n. pl. ma·gi (mājī′)
1. A member of the Zoroastrian priestly caste of the Medes and Persians.
2. Magus In the New Testament, one of the wise men from the East, traditionally held to be three, who traveled to Bethlehem to pay homage to the infant Jesus.
3. A sorcerer; a magician.
[From Middle English magi, magi, from Latin magī, pl. of magus, sorcerer, magus, from Greek magos, from Old Persian maguš; see magh- in the Appendix of Indo-European roots.]
magi·an (mājē-ən) adj.
The American Heritage® Dictionary of the English Language, Fifth Edition copyright ©2018 by Houghton Mifflin Harcourt Publishing Company. All rights reserved.
Indo-European & Semitic Roots Appendices
Thousands of entries in the dictionary include etymologies that trace their origins back to reconstructed proto-languages. You can obtain more information about these forms in our online appendices:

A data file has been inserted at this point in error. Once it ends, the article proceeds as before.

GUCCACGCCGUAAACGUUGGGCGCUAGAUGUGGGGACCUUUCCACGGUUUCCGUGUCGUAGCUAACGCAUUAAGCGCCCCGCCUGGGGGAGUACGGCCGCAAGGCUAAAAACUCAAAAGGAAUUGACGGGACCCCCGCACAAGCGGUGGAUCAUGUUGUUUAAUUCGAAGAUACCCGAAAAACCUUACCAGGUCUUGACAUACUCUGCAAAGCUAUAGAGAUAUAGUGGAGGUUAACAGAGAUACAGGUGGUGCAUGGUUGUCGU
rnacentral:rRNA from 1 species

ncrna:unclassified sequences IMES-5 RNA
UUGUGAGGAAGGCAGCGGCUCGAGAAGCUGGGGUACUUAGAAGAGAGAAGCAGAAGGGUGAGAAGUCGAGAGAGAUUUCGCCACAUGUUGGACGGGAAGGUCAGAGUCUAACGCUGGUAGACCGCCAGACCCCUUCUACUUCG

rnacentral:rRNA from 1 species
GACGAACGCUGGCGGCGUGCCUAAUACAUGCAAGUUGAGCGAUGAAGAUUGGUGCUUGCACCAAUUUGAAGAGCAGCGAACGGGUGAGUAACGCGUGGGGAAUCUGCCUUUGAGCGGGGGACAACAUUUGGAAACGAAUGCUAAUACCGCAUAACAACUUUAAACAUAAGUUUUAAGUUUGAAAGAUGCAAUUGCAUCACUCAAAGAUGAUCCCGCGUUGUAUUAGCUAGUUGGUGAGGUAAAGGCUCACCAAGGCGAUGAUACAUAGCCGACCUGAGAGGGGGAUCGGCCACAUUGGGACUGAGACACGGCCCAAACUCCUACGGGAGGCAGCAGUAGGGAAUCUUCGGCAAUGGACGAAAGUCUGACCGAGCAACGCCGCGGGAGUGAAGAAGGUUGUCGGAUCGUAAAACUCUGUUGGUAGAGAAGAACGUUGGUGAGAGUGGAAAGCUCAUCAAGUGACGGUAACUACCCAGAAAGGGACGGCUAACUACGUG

The Indo-European appendix covers nearly half of the Indo-European roots that have left their mark on English words. A more complete treatment of Indo-European roots and the English words derived from them is available in our Dictionary of Indo-European Roots.